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Sunday, 19 May 2019

Are You Stuck in a Commoditised Industry? You Need to be Visibly Different!

Product life cycles generally go from an extremely innovative starting point through a development phase and very frequently, finish up as a commodity with a multitude of manufacturers and suppliers.

All well and good and we all have experience of products which have passed through this process.  Typical would be the ball-point pen, post-it notes and paper staplers.

All of these have been launched on to the market, gone through all the phases and are now a commodity with many companies supplying the same or at east similar products.

However just occasionally a product is launched that is so innovative that no-one seems to be able to copy it and it remains the leader in its field.

If products have this sort of life cycle, what about companies and indeed commercial or industrial sectors themselves?

Look at your business and ask yourself, are we a truly innovative organisation or (and be honest about it) are we much the same as many other businesses in this field?

There is little point in kidding ourselves.  The market and the customers will soon find out where you are placed on the Innovation/Commodity continuum.

The sorry fat is that there are many commercial and industrial sectors of the economy that could be classed as being commoditised and many professional practices fall into this category as well.

This is not to say that many organisations that are, on the face of it, commoditised are necessarily unsuccessful.  It is perfectly possible to minimise and even eliminate risk and run the business satisfactorily but without much excitement.

It is, of course, unlikely that the business will stand out from the crowd or indeed rate particularly highly on a search engine.

It all depends on the business culture, what seems the right thing to do, how experimental are the leaders and owners and what level of risk is acceptable to them.

Take a look at what used to be the way to find a tradesman to do some work in your home, that is, by those massive catalogues listing just about every suppler of every service that you want or need.

How did we decide on which one to call?  Was it by locality, by the size of the advertisement, or the first one in the listing?

None of these bear any relationship to the ability of the person or business offering the service or the standard of service that we could expect until we start the telephoning process and try to find out.

What usually happens is that we ask friends or colleagues if they can recommend someone and so the “word of mouth” method was born.

It is all very inefficient even when the massive printed book is now replaced by a quick search on Google simply because some clever geek has used search engine optimisation to position the business at the top of  page one of the search.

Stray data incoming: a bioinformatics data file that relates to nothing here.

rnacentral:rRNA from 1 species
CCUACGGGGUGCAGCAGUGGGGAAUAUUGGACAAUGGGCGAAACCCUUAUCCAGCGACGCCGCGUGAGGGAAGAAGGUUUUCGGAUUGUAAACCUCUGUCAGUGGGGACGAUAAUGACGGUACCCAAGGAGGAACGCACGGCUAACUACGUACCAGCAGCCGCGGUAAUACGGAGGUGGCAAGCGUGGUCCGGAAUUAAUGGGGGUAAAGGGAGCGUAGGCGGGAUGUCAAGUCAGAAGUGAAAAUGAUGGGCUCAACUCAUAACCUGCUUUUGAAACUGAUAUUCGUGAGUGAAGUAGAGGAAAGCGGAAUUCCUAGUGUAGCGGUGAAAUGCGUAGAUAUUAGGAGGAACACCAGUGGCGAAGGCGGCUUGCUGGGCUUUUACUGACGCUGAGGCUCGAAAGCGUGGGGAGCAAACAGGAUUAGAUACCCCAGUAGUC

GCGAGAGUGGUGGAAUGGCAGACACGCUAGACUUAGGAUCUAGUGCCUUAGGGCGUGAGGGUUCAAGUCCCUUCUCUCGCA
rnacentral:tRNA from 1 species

It doesn’t mean that they are any different from anyone else; it is just that they have found a better SEO specialist.

What then is the answer?  How can we drag ourselves out of the mass of “me too” businesses in our sector and make it clear to the market and prospective customers that we offer something different.

By the way, difference doesn’t always imply services or products.  It can be the way that we deliver the product, the way that we answer the telephone, the speed at which we pay bills and the level of service which we give to every customer or prospect at all ties and without exception.


It is easy to say that we need to be different.  Some time devoted to ways of being different and bringing everyone in the business into the process will pay massive dividends in the long run.  Driving that culture into the business should be the major function of the leader and probably the only “top down” contribution that is critical to the growth, success and general health of the organisation.


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Sunday, 12 May 2019

People Reluctant To Learn? The Key Is Self-Motivation!

In the early days of my learning about leadership I ran a small subsidiary of a large corporate in which we specialised in supplying sports surfaces and equipment.

As my sporting activities were severely limited to to very average hockey and slightly more average table tennis, the fact that we were manufacturing athletics artificial track, artificial ski slopes and marketing ski equipment there was something of a knowledge gap.

Accordingly we retained consultants who did know what they were about and I had the pleasure of getting to know people like Ron Pickering, a renowned athletics coach and broadcaster and John Shedden, possibly the best British ski instructor and later the Director of Coaching for the National Ski Federation of Great Britain.